s6-rc as user service manager

From: Ihor Antonov <ihor_at_antonovs.family>
Date: Mon, 17 Oct 2022 10:50:34 -0700

Kicking off another thread because it is slightly different from UX
related questions.

I am trying to get s6-rc set up as a user service manager (similar how
systemd allows user's to manage their own services with systemctl --user
start bla).
This is useful for example for starting user's dbus, pipewire,
xdg-desktop-portal services, and other stuff that is strictly user

This usecase is geared towards a desktop/laptop.

There are number of challengers that I am facing with this task and I am
not sure how to best solve. I will try to explain those as a set of
scenarios as I amnot yet sure how make it more systematic:

# Scenario 1

It is clear that in the very beginning we have to start svscan on an
empty dir, then run s6-rc-init on it. Lets's assume svscan dir is tmpfs
and is empty when machine boots. User's shell is configured in
such way that a new login shell spawns s6-svscan on a scan dir and then
runs s6-rc-init. Then necessary services can be started.

User starts their computer,logs in, uses s6-rc to start services
and everything is fine. (or is it?)

# Scenario 2

User logs out their session. Svscan process dies with
the login shell that spawned it. All services supervised by svscan die
If machine is shutting down then we don't care, but it would've been
nice to shut down serices in reverse dependency order.

But machine is not shutting down and user logs in again.
The Scandir is not empty, it contains
all the links to services that were previously orchestrated with s6-rc.
Login shell spawns svscan process on a scandir and all services start up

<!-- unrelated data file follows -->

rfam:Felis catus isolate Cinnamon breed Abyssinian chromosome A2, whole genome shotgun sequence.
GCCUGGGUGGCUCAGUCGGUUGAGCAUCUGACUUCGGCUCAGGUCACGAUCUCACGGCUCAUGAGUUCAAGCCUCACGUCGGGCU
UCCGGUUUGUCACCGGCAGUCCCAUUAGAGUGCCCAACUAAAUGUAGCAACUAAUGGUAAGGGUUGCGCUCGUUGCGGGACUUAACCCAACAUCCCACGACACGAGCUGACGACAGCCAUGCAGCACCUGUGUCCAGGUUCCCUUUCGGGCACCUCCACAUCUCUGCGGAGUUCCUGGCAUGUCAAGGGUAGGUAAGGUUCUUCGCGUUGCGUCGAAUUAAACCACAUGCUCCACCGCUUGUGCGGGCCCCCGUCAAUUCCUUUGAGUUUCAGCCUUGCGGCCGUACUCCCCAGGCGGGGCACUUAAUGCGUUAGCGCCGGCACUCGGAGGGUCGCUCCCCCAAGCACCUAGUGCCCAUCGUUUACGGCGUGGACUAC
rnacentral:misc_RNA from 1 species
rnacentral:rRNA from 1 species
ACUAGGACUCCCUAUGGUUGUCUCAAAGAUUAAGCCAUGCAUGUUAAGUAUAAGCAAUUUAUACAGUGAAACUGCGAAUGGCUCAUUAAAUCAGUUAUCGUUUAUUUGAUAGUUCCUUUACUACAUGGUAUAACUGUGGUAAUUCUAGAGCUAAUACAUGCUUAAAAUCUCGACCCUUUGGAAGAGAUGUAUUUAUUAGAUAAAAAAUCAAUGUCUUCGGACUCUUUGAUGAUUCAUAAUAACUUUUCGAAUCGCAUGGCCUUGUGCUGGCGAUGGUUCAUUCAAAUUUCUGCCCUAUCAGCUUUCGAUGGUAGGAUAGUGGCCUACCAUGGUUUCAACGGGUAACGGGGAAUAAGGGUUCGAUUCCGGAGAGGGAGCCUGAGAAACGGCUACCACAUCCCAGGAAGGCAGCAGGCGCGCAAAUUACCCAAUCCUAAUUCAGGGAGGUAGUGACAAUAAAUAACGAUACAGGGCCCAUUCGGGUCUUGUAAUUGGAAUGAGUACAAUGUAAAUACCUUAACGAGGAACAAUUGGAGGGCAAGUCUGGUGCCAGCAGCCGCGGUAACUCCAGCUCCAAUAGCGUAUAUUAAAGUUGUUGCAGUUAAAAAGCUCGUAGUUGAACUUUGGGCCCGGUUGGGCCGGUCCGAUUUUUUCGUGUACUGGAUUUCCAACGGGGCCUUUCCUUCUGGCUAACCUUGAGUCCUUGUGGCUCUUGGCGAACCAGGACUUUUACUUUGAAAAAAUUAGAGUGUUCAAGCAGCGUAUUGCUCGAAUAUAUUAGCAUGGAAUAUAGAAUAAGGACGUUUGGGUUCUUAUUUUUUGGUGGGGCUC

immediately, out of order, and therfore some of them fail. Oneshot
service that were intdended to be "once per boot" may run again too.

This is a problem.

# Scenario 3

A user is logged in on tty1, presses CTRL-ALT-F2 and switches to tty2
and logs in again. A login shell tries to run svscan on a scandir,
svscan fail with error that another process is already running there.
Same happens with s6-rc-init.

There is s6-svok that tests if a service dir is supervised, but there
are no similar test tools for scandir and live dir.
Login shell can ignore errors, but this is bad practice since an error
might happen in other legitimate situation.

# Scenario 4

User has 2 login shells available, tty1 and tty2. User logs out of tty1
and svscan process spawned by tty1 login shell dies, leaving session on
tty2 without neccessary services.

# Problems summary

- Login shell doesn't seem like a good place for user's service manager.
  What is a good place then?

- How to solve "Run service manager once per user"? Such that service
  manager is spawned with the first login and exits correctly with the
  last login?

- Is the amount of login shells a good measure for user's activity? Are
  the other cases when service manager is needed on a desktop machine?
  Like when we have 0 login shells but we need user's service manager?

- Minor: a test utility for svscan dir would be nice
- Minor: a test utility for live dir would be nice
  Checking lock files from shell is not fun and not reliable too
Received on Mon Oct 17 2022 - 19:50:34 CEST

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